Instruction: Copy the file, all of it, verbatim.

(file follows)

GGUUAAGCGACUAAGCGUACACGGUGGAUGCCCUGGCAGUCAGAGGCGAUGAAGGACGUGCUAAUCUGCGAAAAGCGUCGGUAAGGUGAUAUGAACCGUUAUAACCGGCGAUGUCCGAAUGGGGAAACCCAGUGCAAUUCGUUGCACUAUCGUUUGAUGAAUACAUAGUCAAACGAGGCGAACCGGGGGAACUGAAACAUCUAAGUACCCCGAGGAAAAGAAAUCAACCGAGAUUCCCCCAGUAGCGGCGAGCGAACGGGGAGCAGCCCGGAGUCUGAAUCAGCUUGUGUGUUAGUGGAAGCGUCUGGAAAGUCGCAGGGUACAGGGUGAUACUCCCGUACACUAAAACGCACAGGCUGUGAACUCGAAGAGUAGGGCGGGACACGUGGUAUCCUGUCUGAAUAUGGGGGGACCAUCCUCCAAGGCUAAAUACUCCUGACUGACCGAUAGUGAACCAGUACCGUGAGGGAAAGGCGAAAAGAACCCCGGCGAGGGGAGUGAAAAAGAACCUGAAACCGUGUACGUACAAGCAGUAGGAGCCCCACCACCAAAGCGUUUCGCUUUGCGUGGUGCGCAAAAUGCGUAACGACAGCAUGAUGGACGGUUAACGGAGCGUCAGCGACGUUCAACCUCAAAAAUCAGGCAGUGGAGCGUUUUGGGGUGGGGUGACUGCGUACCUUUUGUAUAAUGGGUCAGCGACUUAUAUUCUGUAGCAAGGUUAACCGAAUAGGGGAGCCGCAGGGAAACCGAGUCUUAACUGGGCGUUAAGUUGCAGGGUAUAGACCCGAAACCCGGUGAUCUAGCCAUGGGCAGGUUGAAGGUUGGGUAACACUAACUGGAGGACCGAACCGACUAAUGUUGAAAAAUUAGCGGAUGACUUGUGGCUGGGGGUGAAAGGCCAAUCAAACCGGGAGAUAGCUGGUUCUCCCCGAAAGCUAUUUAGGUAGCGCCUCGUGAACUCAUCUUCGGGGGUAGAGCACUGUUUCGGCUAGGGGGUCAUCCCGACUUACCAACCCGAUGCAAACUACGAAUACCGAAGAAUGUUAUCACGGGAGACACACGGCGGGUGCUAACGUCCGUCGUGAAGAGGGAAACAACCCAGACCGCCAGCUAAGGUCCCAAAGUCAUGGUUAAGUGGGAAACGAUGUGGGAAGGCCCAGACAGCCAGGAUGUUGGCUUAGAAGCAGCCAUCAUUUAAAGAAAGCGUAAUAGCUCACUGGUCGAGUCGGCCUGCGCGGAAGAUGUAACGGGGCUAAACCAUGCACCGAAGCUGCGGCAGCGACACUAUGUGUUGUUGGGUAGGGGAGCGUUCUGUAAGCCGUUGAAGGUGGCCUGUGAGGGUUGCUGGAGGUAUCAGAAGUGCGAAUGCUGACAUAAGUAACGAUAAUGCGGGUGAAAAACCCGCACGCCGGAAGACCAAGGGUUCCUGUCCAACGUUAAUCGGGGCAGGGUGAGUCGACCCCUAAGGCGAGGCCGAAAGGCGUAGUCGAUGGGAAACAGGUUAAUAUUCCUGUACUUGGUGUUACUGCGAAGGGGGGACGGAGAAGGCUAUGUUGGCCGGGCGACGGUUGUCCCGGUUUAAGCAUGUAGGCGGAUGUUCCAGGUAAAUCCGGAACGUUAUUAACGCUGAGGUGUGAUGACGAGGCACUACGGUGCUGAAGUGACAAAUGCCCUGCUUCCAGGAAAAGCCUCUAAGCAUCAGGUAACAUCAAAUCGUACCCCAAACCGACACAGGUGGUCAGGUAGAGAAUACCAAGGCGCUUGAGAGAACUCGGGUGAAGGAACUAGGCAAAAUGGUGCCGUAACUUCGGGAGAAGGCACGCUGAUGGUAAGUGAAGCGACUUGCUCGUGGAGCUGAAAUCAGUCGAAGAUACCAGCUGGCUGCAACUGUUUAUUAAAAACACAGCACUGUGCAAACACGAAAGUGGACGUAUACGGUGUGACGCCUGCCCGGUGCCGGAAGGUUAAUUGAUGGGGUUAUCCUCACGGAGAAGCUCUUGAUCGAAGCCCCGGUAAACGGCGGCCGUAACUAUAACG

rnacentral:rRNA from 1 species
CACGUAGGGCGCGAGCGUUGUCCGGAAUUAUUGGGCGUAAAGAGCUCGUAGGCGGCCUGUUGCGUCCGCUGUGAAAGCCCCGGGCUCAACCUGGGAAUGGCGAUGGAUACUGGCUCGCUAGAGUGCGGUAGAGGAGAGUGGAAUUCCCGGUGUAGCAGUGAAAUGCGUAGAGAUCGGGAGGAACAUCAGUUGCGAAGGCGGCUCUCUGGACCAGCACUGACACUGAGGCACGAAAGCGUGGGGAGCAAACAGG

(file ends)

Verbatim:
GGUUAAGCGACUAAGCGUACACGGUGGAUGCCCUGGCAGUCAGAGGCGAUGAAGGACGUGCUAAUCUGCGAAAAGCGUCGGUAAGGUGAUAUGAACCGUUAUAACCGGCGAUGUCCGAAUGGGGAAACCCAGUGCAAUUCGUUGCACUAUCGUUUGAUGAAUACAUAGUCAAACGAGGCGAACCGGGGGAACUGAAACAUCUAAGUACCCCGAGGAAAAGAAAUCAACCGAGAUUCCCCCAGUAGCGGCGAGCGAACGGGGAGCAGCCCGGAGUCUGAAUCAGCUUGUGUGUUAGUGGAAGCGUCUGGAAAGUCGCAGGGUACAGGGUGAUACUCCCGUACACUAAAACGCACAGGCUGUGAACUCGAAGAGUAGGGCGGGACACGUGGUAUCCUGUCUGAAUAUGGGGGGACCAUCCUCCAAGGCUAAAUACUCCUGACUGACCGAUAGUGAACCAGUACCGUGAGGGAAAGGCGAAAAGAACCCCGGCGAGGGGAGUGAAAAAGAACCUGAAACCGUGUACGUACAAGCAGUAGGAGCCCCACCACCAAAGCGUUUCGCUUUGCGUGGUGCGCAAAAUGCGUAACGACAGCAUGAUGGACGGUUAACGGAGCGUCAGCGACGUUCAACCUCAAAAAUCAGGCAGUGGAGCGUUUUGGGGUGGGGUGACUGCGUACCUUUUGUAUAAUGGGUCAGCGACUUAUAUUCUGUAGCAAGGUUAACCGAAUAGGGGAGCCGCAGGGAAACCGAGUCUUAACUGGGCGUUAAGUUGCAGGGUAUAGACCCGAAACCCGGUGAUCUAGCCAUGGGCAGGUUGAAGGUUGGGUAACACUAACUGGAGGACCGAACCGACUAAUGUUGAAAAAUUAGCGGAUGACUUGUGGCUGGGGGUGAAAGGCCAAUCAAACCGGGAGAUAGCUGGUUCUCCCCGAAAGCUAUUUAGGUAGCGCCUCGUGAACUCAUCUUCGGGGGUAGAGCACUGUUUCGGCUAGGGGGUCAUCCCGACUUACCAACCCGAUGCAAACUACGAAUACCGAAGAAUGUUAUCACGGGAGACACACGGCGGGUGCUAACGUCCGUCGUGAAGAGGGAAACAACCCAGACCGCCAGCUAAGGUCCCAAAGUCAUGGUUAAGUGGGAAACGAUGUGGGAAGGCCCAGACAGCCAGGAUGUUGGCUUAGAAGCAGCCAUCAUUUAAAGAAAGCGUAAUAGCUCACUGGUCGAGUCGGCCUGCGCGGAAGAUGUAACGGGGCUAAACCAUGCACCGAAGCUGCGGCAGCGACACUAUGUGUUGUUGGGUAGGGGAGCGUUCUGUAAGCCGUUGAAGGUGGCCUGUGAGGGUUGCUGGAGGUAUCAGAAGUGCGAAUGCUGACAUAAGUAACGAUAAUGCGGGUGAAAAACCCGCACGCCGGAAGACCAAGGGUUCCUGUCCAACGUUAAUCGGGGCAGGGUGAGUCGACCCCUAAGGCGAGGCCGAAAGGCGUAGUCGAUGGGAAACAGGUUAAUAUUCCUGUACUUGGUGUUACUGCGAAGGGGGGACGGAGAAGGCUAUGUUGGCCGGGCGACGGUUGUCCCGGUUUAAGCAUGUAGGCGGAUGUUCCAGGUAAAUCCGGAACGUUAUUAACGCUGAGGUGUGAUGACGAGGCACUACGGUGCUGAAGUGACAAAUGCCCUGCUUCCAGGAAAAGCCUCUAAGCAUCAGGUAACAUCAAAUCGUACCCCAAACCGACACAGGUGGUCAGGUAGAGAAUACCAAGGCGCUUGAGAGAACUCGGGUGAAGGAACUAGGCAAAAUGGUGCCGUAACUUCGGGAGAAGGCACGCUGAUGGUAAGUGAAGCGACUUGCUCGUGGAGCUGAAAUCAGUCGAAGAUACCAGCUGGCUGCAACUGUUUAUUAAAAACACAGCACUGUGCAAACACGAAAGUGGACGUAUACGGUGUGACGCCUGCCCGGUGCCGGAAGGUUAAUUGAUGGGGUUAUCCUCACGGAGAAGCUCUUGAUCGAAGCCCCGGUAAACGGCGGCCGUAACUAUAACG

rnacentral:rRNA from 1 species
CACGUAGGGCGCGAGCGUUGUCCGGAAUUAUUGGGCGUAAAGAGCUCGUAGGCGGCCUGUUGCGUCCGCUGUGAAAGCCCCGGGCUCAACCUGGGAAUGGCGAUGGAUACUGGCUCGCUAGAGUGCGGUAGAGGAGAGUGGAAUUCCCGGUGUAGCAGUGAAAUGCGUAGAGAUCGGGAGGAACAUCAGUUGCGAAGGCGGCUCUCUGGACCAGCACUGACACUGAGGCACGAAAGCGUGGGGAGCAAACAGG